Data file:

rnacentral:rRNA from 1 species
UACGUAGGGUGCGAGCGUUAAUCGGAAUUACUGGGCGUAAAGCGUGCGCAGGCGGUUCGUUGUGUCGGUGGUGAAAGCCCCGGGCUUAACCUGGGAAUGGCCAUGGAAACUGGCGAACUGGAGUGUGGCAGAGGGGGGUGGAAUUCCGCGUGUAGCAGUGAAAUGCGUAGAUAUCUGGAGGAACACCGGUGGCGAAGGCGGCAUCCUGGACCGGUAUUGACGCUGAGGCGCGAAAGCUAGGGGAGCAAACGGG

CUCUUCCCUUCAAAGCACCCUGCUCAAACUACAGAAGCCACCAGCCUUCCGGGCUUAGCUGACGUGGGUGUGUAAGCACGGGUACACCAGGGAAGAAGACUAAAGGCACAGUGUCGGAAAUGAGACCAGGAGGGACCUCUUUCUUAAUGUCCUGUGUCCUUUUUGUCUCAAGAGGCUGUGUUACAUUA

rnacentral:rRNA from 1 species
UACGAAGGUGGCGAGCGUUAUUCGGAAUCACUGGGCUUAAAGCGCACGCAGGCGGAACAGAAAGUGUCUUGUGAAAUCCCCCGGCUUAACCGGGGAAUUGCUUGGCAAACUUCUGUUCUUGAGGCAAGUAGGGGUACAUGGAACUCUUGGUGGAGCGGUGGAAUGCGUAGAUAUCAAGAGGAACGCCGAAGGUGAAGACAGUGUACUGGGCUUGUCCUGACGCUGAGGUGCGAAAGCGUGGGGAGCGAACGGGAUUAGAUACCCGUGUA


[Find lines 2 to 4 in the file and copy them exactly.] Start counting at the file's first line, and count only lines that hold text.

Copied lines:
UACGUAGGGUGCGAGCGUUAAUCGGAAUUACUGGGCGUAAAGCGUGCGCAGGCGGUUCGUUGUGUCGGUGGUGAAAGCCCCGGGCUUAACCUGGGAAUGGCCAUGGAAACUGGCGAACUGGAGUGUGGCAGAGGGGGGUGGAAUUCCGCGUGUAGCAGUGAAAUGCGUAGAUAUCUGGAGGAACACCGGUGGCGAAGGCGGCAUCCUGGACCGGUAUUGACGCUGAGGCGCGAAAGCUAGGGGAGCAAACGGG

CUCUUCCCUUCAAAGCACCCUGCUCAAACUACAGAAGCCACCAGCCUUCCGGGCUUAGCUGACGUGGGUGUGUAAGCACGGGUACACCAGGGAAGAAGACUAAAGGCACAGUGUCGGAAAUGAGACCAGGAGGGACCUCUUUCUUAAUGUCCUGUGUCCUUUUUGUCUCAAGAGGCUGUGUUACAUUA

rnacentral:rRNA from 1 species